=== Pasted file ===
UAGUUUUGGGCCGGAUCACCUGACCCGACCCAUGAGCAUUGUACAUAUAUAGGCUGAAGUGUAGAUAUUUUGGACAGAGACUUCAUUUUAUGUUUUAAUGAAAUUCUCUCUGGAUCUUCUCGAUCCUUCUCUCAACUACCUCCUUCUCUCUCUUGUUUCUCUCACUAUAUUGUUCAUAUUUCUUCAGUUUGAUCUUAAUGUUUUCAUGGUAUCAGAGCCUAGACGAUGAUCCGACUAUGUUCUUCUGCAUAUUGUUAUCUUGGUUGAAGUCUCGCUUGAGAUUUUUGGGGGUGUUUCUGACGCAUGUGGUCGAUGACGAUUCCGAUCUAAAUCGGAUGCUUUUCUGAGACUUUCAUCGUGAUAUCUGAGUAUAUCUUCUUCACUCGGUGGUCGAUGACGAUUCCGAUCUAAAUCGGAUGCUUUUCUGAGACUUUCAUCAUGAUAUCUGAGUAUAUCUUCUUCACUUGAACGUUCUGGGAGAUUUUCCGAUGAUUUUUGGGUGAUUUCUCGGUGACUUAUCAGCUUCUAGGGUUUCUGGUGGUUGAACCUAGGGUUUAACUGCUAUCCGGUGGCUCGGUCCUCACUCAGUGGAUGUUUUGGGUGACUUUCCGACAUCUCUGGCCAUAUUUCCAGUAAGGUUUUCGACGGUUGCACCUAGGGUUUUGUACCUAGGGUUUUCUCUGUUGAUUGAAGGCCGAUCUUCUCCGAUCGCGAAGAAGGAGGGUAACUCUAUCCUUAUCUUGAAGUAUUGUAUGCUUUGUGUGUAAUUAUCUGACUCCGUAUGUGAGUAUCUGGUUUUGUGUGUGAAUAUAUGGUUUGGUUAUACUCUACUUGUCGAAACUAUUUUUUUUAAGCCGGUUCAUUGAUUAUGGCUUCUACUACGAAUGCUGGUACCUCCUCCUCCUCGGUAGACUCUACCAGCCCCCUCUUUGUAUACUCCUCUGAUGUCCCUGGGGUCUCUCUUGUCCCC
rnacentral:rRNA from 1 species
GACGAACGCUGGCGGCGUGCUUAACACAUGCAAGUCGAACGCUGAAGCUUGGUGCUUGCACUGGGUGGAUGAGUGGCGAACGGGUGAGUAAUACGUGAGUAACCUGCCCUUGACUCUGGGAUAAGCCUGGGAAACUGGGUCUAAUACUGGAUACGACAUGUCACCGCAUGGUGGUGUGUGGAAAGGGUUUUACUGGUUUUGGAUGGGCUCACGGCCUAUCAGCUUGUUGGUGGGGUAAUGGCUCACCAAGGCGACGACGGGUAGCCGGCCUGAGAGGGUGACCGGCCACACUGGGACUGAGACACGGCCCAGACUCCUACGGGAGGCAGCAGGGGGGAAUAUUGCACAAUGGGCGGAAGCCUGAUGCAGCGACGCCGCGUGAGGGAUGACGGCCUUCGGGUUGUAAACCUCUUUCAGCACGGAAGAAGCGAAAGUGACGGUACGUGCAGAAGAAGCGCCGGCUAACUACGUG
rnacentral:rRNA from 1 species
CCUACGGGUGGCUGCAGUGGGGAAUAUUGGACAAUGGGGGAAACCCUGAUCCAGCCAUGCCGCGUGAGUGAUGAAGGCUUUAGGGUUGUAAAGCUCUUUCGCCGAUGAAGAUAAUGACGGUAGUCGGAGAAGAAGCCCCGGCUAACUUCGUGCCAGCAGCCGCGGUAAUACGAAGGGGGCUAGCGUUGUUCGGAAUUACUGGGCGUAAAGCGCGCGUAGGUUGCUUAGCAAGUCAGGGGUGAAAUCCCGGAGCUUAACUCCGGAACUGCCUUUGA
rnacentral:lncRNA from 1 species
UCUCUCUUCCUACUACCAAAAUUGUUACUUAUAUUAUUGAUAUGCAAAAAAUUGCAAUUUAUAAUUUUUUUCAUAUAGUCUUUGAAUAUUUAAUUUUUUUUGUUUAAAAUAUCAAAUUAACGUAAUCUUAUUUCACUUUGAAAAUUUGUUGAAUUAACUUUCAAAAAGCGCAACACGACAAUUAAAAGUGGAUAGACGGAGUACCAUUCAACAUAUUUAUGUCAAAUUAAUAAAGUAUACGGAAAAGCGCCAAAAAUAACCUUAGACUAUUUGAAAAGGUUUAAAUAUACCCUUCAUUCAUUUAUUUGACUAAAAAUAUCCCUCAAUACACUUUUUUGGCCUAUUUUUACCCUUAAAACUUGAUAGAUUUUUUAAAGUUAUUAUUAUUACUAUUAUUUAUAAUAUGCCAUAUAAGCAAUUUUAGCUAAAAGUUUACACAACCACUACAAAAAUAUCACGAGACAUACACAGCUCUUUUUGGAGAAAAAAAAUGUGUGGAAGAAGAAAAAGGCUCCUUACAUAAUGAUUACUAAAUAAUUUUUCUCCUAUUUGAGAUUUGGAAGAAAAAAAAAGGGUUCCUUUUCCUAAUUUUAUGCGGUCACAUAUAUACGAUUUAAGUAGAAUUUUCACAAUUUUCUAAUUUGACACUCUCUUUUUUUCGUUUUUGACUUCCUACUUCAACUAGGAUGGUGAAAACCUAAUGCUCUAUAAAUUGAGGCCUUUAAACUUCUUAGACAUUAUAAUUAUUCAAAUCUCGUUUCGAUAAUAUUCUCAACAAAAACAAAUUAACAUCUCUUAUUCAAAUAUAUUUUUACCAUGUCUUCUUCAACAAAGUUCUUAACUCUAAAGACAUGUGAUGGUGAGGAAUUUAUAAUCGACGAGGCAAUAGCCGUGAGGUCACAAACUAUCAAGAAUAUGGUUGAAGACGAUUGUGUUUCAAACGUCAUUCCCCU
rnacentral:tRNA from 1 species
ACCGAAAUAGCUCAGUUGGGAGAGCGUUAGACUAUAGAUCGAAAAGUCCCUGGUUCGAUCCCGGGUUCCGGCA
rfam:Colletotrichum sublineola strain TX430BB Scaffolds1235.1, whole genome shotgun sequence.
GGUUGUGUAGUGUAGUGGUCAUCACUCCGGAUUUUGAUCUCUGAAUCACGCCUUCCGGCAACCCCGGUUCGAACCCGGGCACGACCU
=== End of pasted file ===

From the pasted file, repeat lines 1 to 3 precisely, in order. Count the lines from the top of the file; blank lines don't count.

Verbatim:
UAGUUUUGGGCCGGAUCACCUGACCCGACCCAUGAGCAUUGUACAUAUAUAGGCUGAAGUGUAGAUAUUUUGGACAGAGACUUCAUUUUAUGUUUUAAUGAAAUUCUCUCUGGAUCUUCUCGAUCCUUCUCUCAACUACCUCCUUCUCUCUCUUGUUUCUCUCACUAUAUUGUUCAUAUUUCUUCAGUUUGAUCUUAAUGUUUUCAUGGUAUCAGAGCCUAGACGAUGAUCCGACUAUGUUCUUCUGCAUAUUGUUAUCUUGGUUGAAGUCUCGCUUGAGAUUUUUGGGGGUGUUUCUGACGCAUGUGGUCGAUGACGAUUCCGAUCUAAAUCGGAUGCUUUUCUGAGACUUUCAUCGUGAUAUCUGAGUAUAUCUUCUUCACUCGGUGGUCGAUGACGAUUCCGAUCUAAAUCGGAUGCUUUUCUGAGACUUUCAUCAUGAUAUCUGAGUAUAUCUUCUUCACUUGAACGUUCUGGGAGAUUUUCCGAUGAUUUUUGGGUGAUUUCUCGGUGACUUAUCAGCUUCUAGGGUUUCUGGUGGUUGAACCUAGGGUUUAACUGCUAUCCGGUGGCUCGGUCCUCACUCAGUGGAUGUUUUGGGUGACUUUCCGACAUCUCUGGCCAUAUUUCCAGUAAGGUUUUCGACGGUUGCACCUAGGGUUUUGUACCUAGGGUUUUCUCUGUUGAUUGAAGGCCGAUCUUCUCCGAUCGCGAAGAAGGAGGGUAACUCUAUCCUUAUCUUGAAGUAUUGUAUGCUUUGUGUGUAAUUAUCUGACUCCGUAUGUGAGUAUCUGGUUUUGUGUGUGAAUAUAUGGUUUGGUUAUACUCUACUUGUCGAAACUAUUUUUUUUAAGCCGGUUCAUUGAUUAUGGCUUCUACUACGAAUGCUGGUACCUCCUCCUCCUCGGUAGACUCUACCAGCCCCCUCUUUGUAUACUCCUCUGAUGUCCCUGGGGUCUCUCUUGUCCCC
rnacentral:rRNA from 1 species
GACGAACGCUGGCGGCGUGCUUAACACAUGCAAGUCGAACGCUGAAGCUUGGUGCUUGCACUGGGUGGAUGAGUGGCGAACGGGUGAGUAAUACGUGAGUAACCUGCCCUUGACUCUGGGAUAAGCCUGGGAAACUGGGUCUAAUACUGGAUACGACAUGUCACCGCAUGGUGGUGUGUGGAAAGGGUUUUACUGGUUUUGGAUGGGCUCACGGCCUAUCAGCUUGUUGGUGGGGUAAUGGCUCACCAAGGCGACGACGGGUAGCCGGCCUGAGAGGGUGACCGGCCACACUGGGACUGAGACACGGCCCAGACUCCUACGGGAGGCAGCAGGGGGGAAUAUUGCACAAUGGGCGGAAGCCUGAUGCAGCGACGCCGCGUGAGGGAUGACGGCCUUCGGGUUGUAAACCUCUUUCAGCACGGAAGAAGCGAAAGUGACGGUACGUGCAGAAGAAGCGCCGGCUAACUACGUG